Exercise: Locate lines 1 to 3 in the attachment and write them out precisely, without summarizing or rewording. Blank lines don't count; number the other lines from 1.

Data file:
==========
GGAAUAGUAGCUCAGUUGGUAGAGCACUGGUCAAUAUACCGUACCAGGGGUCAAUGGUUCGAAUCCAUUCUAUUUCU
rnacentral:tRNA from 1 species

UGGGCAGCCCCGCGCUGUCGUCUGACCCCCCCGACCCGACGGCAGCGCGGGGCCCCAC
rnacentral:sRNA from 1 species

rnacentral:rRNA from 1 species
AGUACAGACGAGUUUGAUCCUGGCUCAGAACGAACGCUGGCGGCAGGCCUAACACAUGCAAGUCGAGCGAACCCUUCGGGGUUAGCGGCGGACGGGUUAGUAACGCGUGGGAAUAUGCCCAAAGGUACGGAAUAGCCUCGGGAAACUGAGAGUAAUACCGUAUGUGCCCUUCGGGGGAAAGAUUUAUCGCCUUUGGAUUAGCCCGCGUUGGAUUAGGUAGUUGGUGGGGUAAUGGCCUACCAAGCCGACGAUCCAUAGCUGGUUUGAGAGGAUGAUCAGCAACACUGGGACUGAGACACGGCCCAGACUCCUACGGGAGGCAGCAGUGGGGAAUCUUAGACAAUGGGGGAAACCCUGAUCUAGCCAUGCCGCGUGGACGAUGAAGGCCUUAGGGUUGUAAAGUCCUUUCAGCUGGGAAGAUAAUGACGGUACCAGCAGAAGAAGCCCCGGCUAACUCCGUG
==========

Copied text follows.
GGAAUAGUAGCUCAGUUGGUAGAGCACUGGUCAAUAUACCGUACCAGGGGUCAAUGGUUCGAAUCCAUUCUAUUUCU
rnacentral:tRNA from 1 species

UGGGCAGCCCCGCGCUGUCGUCUGACCCCCCCGACCCGACGGCAGCGCGGGGCCCCAC